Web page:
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Francois Carillon Pul-Mont Folatieres 1er Cru 2015

Francois Carillon 2011 Puligny-Montrachet 1er Cru Les Folatières | Remarkably rich and ripe –almost definitive of the dry extract of great white Burgundy. Such a flexing, rich and creamy Chardonnay might surprise one aware of 2011’s reputation as firmer and more gothic in its tracery but the explanation of its souplesse rests in the premier cru terroir of Les Folatières.

Let us begin at a bird’s eye view and close in on this gifted climat. Start at Burgundy’s Côte de Beaune départment and look south past the warmth of Meursault and just east of the renowned Mont Rachet where one finds the appellation Puligny-Montrachet celebrated for moving Chardonnays of great depth of character. The 1er Crus of Puligny-Montrachet are all the more impressive than their neighbors resting halfway up the southeasterly limestone slopes that stretch from Meursault (south of Beaune) to Chassagne farther south. Just down the slope from Mont-Rachet itself rests Les Folatières a land named in old French for the foletière or “land haunted by wisps” which legends hold hosted the entrancing dances of nimble elves whose lights could be seen far afield. Today this slope hosts the slower feet of Chardonnay whose stretching roots drive deep into this limestone soil to a Bathonian bedrock in a search of water in an age honored effort that ensures a rich complexity.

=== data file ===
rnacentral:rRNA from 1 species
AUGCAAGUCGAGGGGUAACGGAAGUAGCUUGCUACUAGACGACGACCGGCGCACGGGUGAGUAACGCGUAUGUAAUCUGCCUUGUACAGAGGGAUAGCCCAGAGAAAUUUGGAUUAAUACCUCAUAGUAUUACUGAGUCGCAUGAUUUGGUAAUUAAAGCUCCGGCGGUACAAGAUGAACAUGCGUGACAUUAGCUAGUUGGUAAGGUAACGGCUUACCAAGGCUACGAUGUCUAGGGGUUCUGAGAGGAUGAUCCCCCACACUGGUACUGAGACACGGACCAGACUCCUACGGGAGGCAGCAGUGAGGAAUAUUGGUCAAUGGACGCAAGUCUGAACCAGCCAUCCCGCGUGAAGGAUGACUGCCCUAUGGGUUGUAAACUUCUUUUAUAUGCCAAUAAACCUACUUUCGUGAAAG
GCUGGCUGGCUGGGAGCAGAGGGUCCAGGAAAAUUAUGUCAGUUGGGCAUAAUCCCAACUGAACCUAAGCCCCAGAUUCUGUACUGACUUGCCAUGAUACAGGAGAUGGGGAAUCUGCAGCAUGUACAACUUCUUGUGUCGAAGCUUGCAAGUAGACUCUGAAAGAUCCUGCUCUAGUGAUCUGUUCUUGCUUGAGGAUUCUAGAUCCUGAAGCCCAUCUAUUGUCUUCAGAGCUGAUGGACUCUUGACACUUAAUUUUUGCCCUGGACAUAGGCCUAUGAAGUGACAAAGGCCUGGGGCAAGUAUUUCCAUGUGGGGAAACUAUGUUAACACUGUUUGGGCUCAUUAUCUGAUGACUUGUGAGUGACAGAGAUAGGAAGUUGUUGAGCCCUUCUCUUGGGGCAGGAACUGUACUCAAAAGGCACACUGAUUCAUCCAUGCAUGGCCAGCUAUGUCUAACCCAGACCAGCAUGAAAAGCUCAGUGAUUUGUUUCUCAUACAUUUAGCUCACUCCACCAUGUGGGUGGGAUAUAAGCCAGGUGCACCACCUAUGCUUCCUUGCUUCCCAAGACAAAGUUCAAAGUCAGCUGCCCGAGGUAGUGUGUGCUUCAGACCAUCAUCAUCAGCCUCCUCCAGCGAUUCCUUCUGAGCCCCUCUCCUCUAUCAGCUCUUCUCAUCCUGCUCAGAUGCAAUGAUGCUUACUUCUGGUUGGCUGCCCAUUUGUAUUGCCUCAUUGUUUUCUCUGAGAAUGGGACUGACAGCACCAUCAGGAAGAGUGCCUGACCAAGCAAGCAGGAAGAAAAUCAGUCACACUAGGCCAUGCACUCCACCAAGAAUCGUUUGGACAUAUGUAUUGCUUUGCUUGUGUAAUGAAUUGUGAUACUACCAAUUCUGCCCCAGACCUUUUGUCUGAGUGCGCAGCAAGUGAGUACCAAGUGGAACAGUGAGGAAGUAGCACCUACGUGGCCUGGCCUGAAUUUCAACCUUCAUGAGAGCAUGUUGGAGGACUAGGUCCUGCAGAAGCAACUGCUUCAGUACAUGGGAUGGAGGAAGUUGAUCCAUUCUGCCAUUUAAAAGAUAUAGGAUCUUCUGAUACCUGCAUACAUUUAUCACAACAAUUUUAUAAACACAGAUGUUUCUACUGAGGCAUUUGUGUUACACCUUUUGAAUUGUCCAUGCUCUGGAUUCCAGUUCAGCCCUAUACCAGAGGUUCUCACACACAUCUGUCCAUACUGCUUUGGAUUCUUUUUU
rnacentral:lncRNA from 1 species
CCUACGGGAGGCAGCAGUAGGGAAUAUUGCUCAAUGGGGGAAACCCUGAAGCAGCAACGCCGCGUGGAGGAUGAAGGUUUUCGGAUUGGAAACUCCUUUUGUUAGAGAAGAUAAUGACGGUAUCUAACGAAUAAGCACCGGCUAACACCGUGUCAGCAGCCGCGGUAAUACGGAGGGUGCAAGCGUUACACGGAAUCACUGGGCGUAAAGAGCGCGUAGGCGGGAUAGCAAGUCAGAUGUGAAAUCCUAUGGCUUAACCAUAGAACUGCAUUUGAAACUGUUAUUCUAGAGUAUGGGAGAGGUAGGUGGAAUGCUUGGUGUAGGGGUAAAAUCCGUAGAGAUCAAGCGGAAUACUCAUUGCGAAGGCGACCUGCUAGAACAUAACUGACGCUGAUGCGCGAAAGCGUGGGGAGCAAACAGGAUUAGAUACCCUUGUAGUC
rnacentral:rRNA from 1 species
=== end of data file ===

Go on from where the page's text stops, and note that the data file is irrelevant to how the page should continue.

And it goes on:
What does this mean for the wine? This is a kite whose size and spectrum of fruit might be too much for one to handle if not for the mineral and textural tug that tethers it down as a structured whole. A chirping waxy polish rounds out ripe orchard fruit like apples and apricots with a creamy nuance that curls about with that sap and rosin found on a Chardonnay of consequence. In some ways the kite metaphor falls short as it perhaps evokes too much of a child’s wonder (which this wine certainly brings) but then there is a very real sensuality to this too like one’s first encounter with a person of more experience –taking you places you might not yet know or even yet feel comfortable but certainly leaving you marveling at the experience and soon after yearning for more. An allegory of the cave sort of wine and a mighty fine glass at that.
Wine review by Nicholas Livingston, January 14th 2014 (Flower)

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